Stories about Music from January, 2009
the POLSKI blog writes about Maanam, a Polish band that, in the early 1980s, was “the epitome of cool, largely thanks to their unique sound and the distinctive voice and fiery personality of their lead singer, Kora.”
“The Bahamas is so very rich in culture that we could all be benefitting from it. But we’re not”: Nicolette Bethel explains why.
From Trinidad and Tobago, Caribbean Free Radio publishes another podcast, this time focusing on “veteran producer and steel orchestra arranger, Pelham Goddard” as he discusses the evolution of steel pan music.
The Haitian Blogger offers a glimpse into Mardi Gras celebrations on the island.
Living in Barbados is hoping that “President Obama will help us in the Caribbean and those in Africa rediscover who and what we really are.”
Robert Amsterdam's Blog writes about “Estonia's most famous contemporary composer Arvo Pärt,” whose latest symphony is dedicated to Mikhail Khodorkovsky – and whose 2006-2007 works are dedicated to Anna Politkovskaya.
Read this to know the winners of Future Awards 2009 in Nigeria.
In case you missed news about the famous Calabar Carnival in Nigeria, Ladybrille has an update. Calabar is “city known for its tourism [international museum, botanical garadens], culinary skills, beautiful women and very pristine/eco-friendly people and environment, Calabar serves as the capital of Cross River State.”
Recently several Macedonian bloggers published the documentary “Whose Is This Song” by a Bulgarian director Adela Peeva on their blogs and started discussing the story. The documentary was filmed as an idea that the director got during a dinner in Istanbul with several friends (a Macedonian, a Serb, a Greek and a Turk), when all of them said that the song playing in the background was from their country.
Several Iranian bloggers wrote about Michael Heart's “we will not go down tonight“, a song for Gaza.
Bob Marley's One Love was played at Barack Obama’s Opening Inaugural Celebration at the Lincoln Memorial, prompting Abeng New Magazine to say, despite the ironies: “We are proud that the USA can borrow from us at a critical moment when the president-elect sells the idea that ‘anything is possible in...
Marcelo Aliaga of Bloggeando la Vida [es] reviews the opera Viento Blanco al Municipal, which is based on the tragedy suffered by Chilean soldiers because of harsh weather conditions in the Antuco region of Chile.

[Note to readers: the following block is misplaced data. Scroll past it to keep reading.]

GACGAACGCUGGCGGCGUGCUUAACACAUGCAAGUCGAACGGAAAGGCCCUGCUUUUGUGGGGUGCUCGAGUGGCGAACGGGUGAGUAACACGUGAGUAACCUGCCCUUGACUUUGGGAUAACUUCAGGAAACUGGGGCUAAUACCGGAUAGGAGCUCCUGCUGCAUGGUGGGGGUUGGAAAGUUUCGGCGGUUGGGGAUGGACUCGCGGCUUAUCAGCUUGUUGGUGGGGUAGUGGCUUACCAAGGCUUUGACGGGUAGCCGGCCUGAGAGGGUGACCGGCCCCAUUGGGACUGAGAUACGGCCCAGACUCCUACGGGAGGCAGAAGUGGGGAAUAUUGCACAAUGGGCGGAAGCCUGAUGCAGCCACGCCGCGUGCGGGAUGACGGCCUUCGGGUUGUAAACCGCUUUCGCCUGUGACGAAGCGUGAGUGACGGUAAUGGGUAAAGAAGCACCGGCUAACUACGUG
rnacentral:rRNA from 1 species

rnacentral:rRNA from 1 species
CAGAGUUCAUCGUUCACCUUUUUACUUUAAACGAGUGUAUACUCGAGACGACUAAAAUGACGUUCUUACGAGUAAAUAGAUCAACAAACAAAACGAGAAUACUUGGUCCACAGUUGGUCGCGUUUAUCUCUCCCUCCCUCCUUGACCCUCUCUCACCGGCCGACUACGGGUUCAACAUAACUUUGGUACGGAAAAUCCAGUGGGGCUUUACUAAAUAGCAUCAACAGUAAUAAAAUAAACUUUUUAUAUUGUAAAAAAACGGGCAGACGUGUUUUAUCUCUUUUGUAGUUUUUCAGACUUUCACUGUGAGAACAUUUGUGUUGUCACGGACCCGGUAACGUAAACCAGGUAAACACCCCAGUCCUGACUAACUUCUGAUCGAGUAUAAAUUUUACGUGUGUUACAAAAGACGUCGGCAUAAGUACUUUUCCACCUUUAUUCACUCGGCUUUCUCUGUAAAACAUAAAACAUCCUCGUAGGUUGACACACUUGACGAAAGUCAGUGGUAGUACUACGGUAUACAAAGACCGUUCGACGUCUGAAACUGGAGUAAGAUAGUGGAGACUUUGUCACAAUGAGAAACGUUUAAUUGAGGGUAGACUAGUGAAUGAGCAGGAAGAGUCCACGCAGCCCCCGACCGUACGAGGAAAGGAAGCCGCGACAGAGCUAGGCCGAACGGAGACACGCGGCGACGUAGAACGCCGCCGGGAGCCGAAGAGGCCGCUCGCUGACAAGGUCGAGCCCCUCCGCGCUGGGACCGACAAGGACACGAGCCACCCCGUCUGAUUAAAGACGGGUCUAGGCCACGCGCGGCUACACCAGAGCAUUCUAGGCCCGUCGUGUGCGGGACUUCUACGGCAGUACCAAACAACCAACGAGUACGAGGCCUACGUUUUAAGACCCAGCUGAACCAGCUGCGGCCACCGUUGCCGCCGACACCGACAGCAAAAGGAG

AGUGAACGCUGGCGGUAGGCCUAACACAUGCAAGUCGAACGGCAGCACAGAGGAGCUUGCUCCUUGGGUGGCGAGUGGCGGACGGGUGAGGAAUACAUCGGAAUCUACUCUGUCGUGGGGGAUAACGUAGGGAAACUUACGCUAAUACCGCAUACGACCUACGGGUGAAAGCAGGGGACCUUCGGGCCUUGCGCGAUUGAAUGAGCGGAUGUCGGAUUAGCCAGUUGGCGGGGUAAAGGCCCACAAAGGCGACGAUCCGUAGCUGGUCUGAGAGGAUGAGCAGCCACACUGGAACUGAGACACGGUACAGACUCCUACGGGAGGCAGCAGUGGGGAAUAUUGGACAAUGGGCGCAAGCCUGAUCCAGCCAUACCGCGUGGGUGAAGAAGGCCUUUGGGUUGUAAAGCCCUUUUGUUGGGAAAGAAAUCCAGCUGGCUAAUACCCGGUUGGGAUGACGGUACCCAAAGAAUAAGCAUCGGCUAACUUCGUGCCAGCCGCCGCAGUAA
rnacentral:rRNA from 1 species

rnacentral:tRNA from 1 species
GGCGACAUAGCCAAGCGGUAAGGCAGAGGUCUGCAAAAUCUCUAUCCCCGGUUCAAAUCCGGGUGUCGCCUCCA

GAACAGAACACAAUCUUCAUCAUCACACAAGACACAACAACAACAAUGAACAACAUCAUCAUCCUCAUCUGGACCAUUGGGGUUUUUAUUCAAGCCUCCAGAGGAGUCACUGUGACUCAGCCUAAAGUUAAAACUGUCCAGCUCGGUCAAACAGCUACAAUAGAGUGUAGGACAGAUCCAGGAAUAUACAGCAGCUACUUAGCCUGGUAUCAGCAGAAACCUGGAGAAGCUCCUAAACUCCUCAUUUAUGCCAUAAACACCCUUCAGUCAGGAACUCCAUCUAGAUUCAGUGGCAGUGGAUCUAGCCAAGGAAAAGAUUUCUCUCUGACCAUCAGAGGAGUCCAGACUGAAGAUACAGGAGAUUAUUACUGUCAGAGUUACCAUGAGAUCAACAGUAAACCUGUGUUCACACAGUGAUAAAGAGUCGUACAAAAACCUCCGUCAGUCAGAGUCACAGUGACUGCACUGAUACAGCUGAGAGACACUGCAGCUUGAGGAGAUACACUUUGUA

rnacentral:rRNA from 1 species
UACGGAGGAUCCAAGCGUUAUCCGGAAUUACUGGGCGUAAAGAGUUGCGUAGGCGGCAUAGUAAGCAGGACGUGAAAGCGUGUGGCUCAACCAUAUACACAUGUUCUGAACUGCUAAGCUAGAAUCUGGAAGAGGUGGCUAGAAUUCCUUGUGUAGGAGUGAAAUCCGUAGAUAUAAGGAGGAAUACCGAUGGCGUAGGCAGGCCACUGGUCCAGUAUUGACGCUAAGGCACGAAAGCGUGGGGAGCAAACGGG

Bands from the city of Monterrey, Mexico will be well represented at the annual South by Southwest music festival to be held in Austin, Texas, writes Issa Villarreal of We Shall Be Free [es].
Spicewriter (from Grenada) and Trinidad and Tobago News Blog both pay their respects to The Mighty Duke, described as “one of Calypso’s greatest icons.”
Steve from Fool's Mountain blogs about the alternative music scene in Taiwan, with a number of mtv.
To get into gear for Trinidad and Tobago Carnival, Caribbean Free Radio posts the first in a series of podcasts with rapso group 3 Canal.
With so much bad news coming from the Democratic Republic of Congo lately, we decided to show a different perspective on the country and looking at a completely different type of blogs for a change - those highlighting Congolese music.
The fact that Usain Bolt's home town of Sherwood Content experienced a sporadic water supply over the Christmas holidays prompts Kadene Porter of Abeng News Magazine to blog about the many areas in which the government has fallen short: “The name Jamaica, land of wood and water is almost mocking...
James at Robert Amsterdam brings attention to a new symphony by Estonian composer Arvo Pärt dedicated to Russian economico-political dissident Mikhail Khodorkovsky.
Eduardo Brito was a famous baritone from the Dominican Republic, who passed away in 1946, and even the National Theater bears his name. However, Roció Díaz of Monaco [es] writes that very few Dominicans today know about the man and his life.